Ruger's New 57: What You Need To Know!

Ruger's New 57: What You Need To Know!


Big news out of Ruger today, with the release of their new 5.7x28mm Ruger-57 pistol! What’s the big deal? For Ruger, the largest commercial firearms manufacturer in the US, to suddenly embrace FN’s 5.7x28mm cartridge is a bit of a surprise. The 5.7x28mm has always been a bit of a niche cartridge, due to its NATO/Personal Defense Weapon developmental history. The Ruger-57 on the other hand is a mainstream and more economical offering intended to reach a much wider audience. With a MSRP of $799 the Ruger-57 will be within reach of many more shooters. Whenever Ruger does something big with a caliber new to them, they typically team up with an ammunition manufacturer or two, ensuring there is sufficient support of the cartridge for consumers. I would expect they have done the same here, meaning I will not be surprised to see new 5.7x28mm loads released in the near future.

Before we dive into Ruger’s new model though let’s take a brief look at the cartridge it chambers. It is after all the small bottleneck high velocity round which excites shooters. The roots of the 5.7x28mm date back to the Cold War and the looming shadow of possible war with the Soviet Union. In the 1980s there was concern NATO’s 9x19mm service pistols and submachine guns would be rendered obsolete by the proliferation of Soviet body armor. FNH recognized this threat and began working on a solution. NATO acknowledged the issue (in Doc D296) in 1990 when they officially began looking to replace the 9x19mm cartridge and weapon systems. FNH’s solution would be a cartridge intended to replace the 9x19mm ball ammunition then in use. It was intended to be employed in both a compact PDW and a handgun for defensive use by support troops. To meet NATO's needs FNH developed two entirely new weapons, the Five-seveN pistol and P90 PDW. Both chambered a new proprietary 5.7x28mm cartridge.

The 5.7x28mm is a small bottlenecked round, featuring a .224 diameter projectile loaded into a 28mm long case. The standard military SS190 AP load features a 31-grain .224-inch diameter armor piercing FMJ-BT projectile. Velocity from a P90s 10.4 inch barrel is a respectable 2,346 fps. Despite the high velocity felt recoil is approximately 30% less than a 9x19mm NATO load. This is due to the SS190's lightweight projectile. In addition FNH also developed a number of 5.7x28mm specialty loads. Among these were the L191 Tracer, Sb193 Subsonic and SS192 JHP. While FNH’s 5.7x28mm cartridge and firearm designs were well suited for their intended task, they were not adopted by NATO. Instead they ended up on the US commercial market. The 5.7x28mm cartridge has had limited commercial success, but it has never really taken off.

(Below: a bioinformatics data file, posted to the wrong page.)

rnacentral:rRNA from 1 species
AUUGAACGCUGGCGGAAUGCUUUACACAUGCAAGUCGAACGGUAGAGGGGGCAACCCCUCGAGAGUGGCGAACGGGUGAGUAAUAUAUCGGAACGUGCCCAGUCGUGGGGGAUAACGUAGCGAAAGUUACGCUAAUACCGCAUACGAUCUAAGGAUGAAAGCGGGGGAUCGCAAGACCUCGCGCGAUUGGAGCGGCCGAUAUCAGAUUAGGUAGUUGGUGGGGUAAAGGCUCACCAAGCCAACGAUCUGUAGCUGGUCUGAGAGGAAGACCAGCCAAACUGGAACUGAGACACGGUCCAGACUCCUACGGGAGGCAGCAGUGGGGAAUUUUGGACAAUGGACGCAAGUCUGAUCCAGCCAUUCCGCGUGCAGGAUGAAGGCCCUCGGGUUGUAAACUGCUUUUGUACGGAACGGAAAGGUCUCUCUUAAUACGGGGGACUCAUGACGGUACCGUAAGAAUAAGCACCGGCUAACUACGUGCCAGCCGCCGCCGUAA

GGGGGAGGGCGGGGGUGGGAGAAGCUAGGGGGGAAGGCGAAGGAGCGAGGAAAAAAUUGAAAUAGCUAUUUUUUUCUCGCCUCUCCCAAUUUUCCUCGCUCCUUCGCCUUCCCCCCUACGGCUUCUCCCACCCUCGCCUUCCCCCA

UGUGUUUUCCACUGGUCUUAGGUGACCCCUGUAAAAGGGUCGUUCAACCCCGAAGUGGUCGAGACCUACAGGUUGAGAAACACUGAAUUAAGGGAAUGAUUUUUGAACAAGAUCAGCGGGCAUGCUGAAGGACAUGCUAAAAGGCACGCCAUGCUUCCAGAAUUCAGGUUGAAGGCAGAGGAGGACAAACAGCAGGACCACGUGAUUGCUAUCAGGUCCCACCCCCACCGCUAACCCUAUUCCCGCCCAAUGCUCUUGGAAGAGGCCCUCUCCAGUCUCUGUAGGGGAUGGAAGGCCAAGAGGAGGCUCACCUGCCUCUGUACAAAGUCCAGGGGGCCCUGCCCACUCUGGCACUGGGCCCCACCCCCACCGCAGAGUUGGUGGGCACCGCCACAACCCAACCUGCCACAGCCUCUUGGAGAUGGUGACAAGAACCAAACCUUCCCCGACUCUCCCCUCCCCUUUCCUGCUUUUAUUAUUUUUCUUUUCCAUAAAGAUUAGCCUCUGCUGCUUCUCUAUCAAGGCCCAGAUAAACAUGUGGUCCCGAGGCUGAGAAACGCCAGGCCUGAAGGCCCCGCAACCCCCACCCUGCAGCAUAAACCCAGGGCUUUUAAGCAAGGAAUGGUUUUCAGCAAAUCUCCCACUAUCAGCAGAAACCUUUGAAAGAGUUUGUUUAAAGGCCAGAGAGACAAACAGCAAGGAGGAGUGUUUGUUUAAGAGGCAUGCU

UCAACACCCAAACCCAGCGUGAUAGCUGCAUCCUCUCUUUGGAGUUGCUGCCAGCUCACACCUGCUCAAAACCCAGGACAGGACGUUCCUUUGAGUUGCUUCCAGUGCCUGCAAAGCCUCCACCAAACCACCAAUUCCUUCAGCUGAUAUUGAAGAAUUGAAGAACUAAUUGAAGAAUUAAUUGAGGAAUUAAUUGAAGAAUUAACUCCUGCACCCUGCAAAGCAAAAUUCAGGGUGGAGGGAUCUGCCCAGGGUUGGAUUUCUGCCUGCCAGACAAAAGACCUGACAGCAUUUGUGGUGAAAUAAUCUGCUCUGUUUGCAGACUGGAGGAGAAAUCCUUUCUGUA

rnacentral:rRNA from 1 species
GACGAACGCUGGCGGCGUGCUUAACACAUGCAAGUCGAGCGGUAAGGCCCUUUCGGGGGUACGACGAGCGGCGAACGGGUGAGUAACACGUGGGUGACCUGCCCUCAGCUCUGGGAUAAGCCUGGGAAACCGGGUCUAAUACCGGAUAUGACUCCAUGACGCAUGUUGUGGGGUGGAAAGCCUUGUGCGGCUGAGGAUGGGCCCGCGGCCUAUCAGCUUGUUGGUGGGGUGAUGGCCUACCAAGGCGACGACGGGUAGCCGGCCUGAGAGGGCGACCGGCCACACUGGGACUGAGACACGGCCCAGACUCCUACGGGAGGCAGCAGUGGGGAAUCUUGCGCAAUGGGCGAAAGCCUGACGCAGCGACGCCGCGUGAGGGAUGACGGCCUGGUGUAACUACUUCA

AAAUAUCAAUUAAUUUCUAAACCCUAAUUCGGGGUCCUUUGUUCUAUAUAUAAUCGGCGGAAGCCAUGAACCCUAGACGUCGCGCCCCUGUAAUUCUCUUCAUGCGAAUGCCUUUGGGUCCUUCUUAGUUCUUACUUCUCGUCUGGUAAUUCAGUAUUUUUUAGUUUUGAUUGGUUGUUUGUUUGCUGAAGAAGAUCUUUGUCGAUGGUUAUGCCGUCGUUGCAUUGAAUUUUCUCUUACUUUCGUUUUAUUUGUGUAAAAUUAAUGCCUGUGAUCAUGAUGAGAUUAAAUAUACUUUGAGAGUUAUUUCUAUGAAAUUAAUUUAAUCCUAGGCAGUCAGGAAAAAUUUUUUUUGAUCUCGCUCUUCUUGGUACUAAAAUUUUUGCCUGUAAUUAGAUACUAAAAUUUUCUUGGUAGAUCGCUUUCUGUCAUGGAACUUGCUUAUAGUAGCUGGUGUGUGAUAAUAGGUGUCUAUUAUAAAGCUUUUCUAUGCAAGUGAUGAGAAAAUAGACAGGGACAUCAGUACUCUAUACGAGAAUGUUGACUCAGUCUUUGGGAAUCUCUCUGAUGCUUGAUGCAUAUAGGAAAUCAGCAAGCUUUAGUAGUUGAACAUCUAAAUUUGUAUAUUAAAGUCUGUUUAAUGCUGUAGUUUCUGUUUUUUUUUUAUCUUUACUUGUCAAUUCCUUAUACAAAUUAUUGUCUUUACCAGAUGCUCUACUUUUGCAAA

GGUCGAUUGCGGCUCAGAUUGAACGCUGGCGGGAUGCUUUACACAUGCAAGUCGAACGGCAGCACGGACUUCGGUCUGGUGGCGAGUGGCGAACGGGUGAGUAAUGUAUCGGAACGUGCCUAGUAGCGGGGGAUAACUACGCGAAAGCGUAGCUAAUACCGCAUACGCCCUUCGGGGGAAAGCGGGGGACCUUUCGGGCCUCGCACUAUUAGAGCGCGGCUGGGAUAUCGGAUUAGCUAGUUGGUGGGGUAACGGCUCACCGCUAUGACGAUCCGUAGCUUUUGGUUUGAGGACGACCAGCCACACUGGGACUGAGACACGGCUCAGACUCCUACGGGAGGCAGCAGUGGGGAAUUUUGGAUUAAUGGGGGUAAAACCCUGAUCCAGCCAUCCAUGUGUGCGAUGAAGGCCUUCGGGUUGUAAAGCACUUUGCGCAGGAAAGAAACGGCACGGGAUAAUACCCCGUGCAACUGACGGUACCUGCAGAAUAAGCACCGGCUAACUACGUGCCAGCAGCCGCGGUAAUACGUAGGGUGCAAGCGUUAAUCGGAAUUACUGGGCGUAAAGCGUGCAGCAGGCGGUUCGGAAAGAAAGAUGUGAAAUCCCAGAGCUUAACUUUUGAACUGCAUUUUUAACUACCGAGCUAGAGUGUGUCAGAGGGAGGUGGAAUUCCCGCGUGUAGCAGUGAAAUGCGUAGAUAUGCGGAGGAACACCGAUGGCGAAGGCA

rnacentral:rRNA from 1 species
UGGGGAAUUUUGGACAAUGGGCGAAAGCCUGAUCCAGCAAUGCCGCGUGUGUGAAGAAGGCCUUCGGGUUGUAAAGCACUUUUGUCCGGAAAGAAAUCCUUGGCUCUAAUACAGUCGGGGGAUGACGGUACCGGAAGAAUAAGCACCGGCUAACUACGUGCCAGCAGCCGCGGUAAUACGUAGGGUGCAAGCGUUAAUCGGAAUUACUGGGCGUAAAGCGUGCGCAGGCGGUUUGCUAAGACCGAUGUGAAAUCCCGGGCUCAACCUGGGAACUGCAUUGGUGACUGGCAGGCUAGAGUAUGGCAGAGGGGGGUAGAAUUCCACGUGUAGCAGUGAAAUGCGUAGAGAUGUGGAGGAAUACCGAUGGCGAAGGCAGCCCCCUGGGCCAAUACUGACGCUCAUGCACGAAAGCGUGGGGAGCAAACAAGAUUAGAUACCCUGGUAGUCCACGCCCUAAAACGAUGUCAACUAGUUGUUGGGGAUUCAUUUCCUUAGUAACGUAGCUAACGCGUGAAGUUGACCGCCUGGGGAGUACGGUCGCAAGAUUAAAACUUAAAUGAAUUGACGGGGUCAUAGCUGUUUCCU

Ruger-57

Ruger’s new Ruger-57 might change that. This large polymer frame pistol features a 4.94 inch barrel with a 1-9 inch twist. Feed is from a 20-round steel magazine. I know shooters will really like having that many rounds on tap. For ban states, a 10-round magazine is also available. Ruger designed the polymer frame to fit the human hand and, despite the long cartridge OAL, the trigger reach is similar to most full-size 9mm pistols. Ambidextrous manual safety levers are standard and the magazine release is reversible. A fiber optic front sight is standard and the rear is fully adjustable. Prefer a red dot? Ruger designed this model to accept a bolt on plate to allow easy mounting of micro red dot sights. Ruger’s Secure Action features their proven internal hammer system with a short trigger pull and positive reset. At the front of the frame is a Picatinny-style rail for mounting a white light or other accessories.


The slide is machined from through-hardened billet steel and features cuts to reduce weight. It also has enhanced front and rear cocking serrations. The barrel has a black nitride treatment for a long service life and easy cleaning. Overall length is 8.65 inches and it weighs in at 24.5 ounces, so it’s no pocket pistol. Fully loaded it weighs 28.4 ounces. Like the FNH’s Five-Seven, the Ruger-57 does not fire from a locked breach. Instead operation is via delayed-blowback. In Ruger’s system the barrel recoils straight back with the slide for about .25-inch. Barrel movement is then arrested and the slide continues its cycle, extracting and ejecting the fired case before loading a new cartridge during its forward travel. This system requires the use of a lightweight slide and a fairly stiff recoil spring, so retracting the slide takes some force.


Ruger-57

Overall the new Ruger-57 looks very appealing. Recoil is noticeably less, some 30% less, than a 9x19mm Parabellum. So follow-up shots are very fast and it is a very pleasant pistol to fire. The 5.7x28mm is flat-shooting and you can expect to see velocities in the mid-1700 fps range with 40-grain loads. FNH’s Five-SeveN pistol is very fun to shoot, and Ruger’s new model should behave the same. Fun is perhaps the best way to think about this new offering. Is it for everyone? I don’t think so. Ammunition offerings are a bit limited, although this is likely to change. For those that like high velocity pistol cartridges though, the Ruger-57 will be something you will want to check out. For more information visit www.Ruger.com.

Ruger-57 Specs

  • Operation: Delayed BlowBack
  • Caliber: 5.7X28mm
  • Capacity: 20+1
  • Barrel Length: 4.94"
  • Overall Length: 8.65"
  • Barrel Finish: Black Nitride
  • Front Sight: Fiber Optic
  • Rear Sight: Adjustable
  • Slide Finish: Black Oxide
  • Weight: 24.5 oz.
  • Slide Width: 1.20"
  • Height: 5.60"
  • MSRP: $799.00

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